2017 Theses Doctoral
Using interspecies biological networks to guide drug therapy
The use of drug combinations (DCs) in cancer therapy can prevent the development of drug resistance and decrease the severity and number of side effects. Synthetic lethality (SL), a genetic interaction wherein two nonessential genes cause cell death when knocked out simultaneously, has been suggested as a method of identifying novel DCs. A combination of two drugs that mimic genetic knockout may cause cellular death through a synthetic lethal pathway. Because SL can be context-specific, it may be possible to find DCs that target SL pairs in tumours while leaving healthy cells unscathed.
However, elucidating all synthetic lethal pairs in humans would take more than 200 million experiments in a single biological context – an unmanageably large search space. It is thus necessary to develop computational methods to predict human SL.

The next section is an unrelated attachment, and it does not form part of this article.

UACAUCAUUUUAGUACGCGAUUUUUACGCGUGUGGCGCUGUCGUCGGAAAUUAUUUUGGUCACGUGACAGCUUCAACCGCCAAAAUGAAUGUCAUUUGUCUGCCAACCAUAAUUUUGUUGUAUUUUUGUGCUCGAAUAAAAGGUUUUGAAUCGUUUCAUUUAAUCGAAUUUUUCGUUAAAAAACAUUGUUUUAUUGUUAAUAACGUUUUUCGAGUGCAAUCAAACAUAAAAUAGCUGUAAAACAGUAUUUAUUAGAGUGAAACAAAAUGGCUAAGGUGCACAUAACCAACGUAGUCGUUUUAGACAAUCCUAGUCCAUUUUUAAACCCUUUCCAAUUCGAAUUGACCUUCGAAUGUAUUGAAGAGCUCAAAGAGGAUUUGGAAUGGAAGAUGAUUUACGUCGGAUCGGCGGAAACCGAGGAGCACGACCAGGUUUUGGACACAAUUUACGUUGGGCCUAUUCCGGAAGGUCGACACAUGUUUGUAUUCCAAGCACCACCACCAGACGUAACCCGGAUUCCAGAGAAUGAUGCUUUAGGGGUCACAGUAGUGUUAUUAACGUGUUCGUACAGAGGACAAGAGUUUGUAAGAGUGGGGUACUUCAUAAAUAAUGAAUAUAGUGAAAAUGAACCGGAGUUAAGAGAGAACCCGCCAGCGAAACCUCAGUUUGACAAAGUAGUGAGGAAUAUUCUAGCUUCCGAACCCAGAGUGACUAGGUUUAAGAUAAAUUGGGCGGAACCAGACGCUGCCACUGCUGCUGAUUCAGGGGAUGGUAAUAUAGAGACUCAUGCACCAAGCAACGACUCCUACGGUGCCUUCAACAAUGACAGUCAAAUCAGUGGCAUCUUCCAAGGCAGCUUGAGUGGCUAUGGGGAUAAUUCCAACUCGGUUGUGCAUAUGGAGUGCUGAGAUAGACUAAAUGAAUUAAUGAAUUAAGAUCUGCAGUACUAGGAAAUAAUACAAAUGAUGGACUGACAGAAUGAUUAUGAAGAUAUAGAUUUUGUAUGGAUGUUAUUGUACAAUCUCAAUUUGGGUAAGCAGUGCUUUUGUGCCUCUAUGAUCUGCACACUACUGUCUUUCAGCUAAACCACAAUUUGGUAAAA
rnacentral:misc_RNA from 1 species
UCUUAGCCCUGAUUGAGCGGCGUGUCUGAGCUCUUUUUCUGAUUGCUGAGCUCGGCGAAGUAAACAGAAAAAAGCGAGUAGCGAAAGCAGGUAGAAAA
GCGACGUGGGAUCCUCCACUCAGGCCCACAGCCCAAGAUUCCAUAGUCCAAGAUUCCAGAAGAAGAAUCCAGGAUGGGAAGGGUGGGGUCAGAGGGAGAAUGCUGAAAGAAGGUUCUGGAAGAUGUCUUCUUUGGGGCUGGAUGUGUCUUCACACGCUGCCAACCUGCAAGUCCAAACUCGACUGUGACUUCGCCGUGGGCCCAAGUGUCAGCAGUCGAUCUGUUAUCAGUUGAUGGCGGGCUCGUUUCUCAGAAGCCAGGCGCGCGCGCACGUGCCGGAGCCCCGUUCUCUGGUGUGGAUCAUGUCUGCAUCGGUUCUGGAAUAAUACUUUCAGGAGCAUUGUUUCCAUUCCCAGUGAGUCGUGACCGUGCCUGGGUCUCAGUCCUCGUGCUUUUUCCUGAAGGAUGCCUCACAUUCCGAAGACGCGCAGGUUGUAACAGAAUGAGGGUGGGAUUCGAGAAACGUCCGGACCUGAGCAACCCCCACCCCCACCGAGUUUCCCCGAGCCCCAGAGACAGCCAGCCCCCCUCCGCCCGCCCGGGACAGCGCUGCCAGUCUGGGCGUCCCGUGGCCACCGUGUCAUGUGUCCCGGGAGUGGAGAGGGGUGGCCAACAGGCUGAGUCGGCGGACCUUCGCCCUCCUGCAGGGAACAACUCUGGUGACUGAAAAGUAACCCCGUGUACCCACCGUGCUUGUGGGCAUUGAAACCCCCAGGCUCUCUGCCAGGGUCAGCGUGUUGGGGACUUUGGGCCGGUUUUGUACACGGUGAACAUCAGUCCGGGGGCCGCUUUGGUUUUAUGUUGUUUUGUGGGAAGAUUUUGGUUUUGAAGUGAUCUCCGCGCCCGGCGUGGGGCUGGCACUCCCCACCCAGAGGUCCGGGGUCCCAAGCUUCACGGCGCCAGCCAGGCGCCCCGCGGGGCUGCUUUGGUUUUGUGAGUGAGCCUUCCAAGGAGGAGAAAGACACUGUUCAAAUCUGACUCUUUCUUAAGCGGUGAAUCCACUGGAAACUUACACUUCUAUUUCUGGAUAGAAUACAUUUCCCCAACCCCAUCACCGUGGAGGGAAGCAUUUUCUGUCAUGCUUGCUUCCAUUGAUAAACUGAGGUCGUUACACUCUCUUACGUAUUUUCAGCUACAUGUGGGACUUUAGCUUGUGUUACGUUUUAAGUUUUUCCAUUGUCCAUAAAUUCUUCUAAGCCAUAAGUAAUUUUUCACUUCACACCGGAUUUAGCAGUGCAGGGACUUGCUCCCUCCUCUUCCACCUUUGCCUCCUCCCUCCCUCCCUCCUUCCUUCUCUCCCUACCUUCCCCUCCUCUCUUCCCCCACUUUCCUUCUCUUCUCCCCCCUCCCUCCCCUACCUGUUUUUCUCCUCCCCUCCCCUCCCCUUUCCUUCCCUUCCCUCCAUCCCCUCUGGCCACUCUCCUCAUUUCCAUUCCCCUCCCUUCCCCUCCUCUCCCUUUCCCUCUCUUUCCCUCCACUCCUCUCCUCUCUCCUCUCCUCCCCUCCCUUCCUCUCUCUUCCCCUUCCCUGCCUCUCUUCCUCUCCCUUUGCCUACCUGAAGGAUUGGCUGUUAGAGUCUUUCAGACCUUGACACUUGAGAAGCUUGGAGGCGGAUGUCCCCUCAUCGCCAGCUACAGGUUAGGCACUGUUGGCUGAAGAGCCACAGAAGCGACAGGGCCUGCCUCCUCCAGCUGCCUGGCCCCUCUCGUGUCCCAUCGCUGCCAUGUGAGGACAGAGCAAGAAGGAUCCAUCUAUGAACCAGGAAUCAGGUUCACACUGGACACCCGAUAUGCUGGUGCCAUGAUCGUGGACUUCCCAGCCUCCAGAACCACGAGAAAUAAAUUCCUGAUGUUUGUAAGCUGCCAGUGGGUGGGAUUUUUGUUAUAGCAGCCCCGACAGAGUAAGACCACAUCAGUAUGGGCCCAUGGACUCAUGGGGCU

In this thesis, we develop connectivity homology, a novel measure of network similarity that allows for the comparison of interspecies protein-protein interaction networks. We then use this principle to develop Species-INdependent TRAnslation (SINaTRA), an algorithm that allows us to predict SL between species using protein-protein interaction networks. We validate it by predicting SL in S. pombe from S. cerevisiae, then generate over 100 million SINaTRA scores for putative human SL pairs. We use these data to predict new areas of cancer combination therapy, and then test fifteen of these predictions across several cell lines. Finally, in order to better understand synergy, we develop DAVISS (Data-driven Assessment of Variability In Synergy Scores), a novel way to statistically evaluate the significance of a drug interaction.
- Jacunski_columbia_0054D_14076.pdf application/pdf 22.2 MB Download File
More About This Work
- Academic Units
- Cellular, Molecular and Biomedical Studies
- Thesis Advisors
- Tatonetti, Nicholas P.
- Ph.D., Columbia University
- Published Here
- July 30, 2017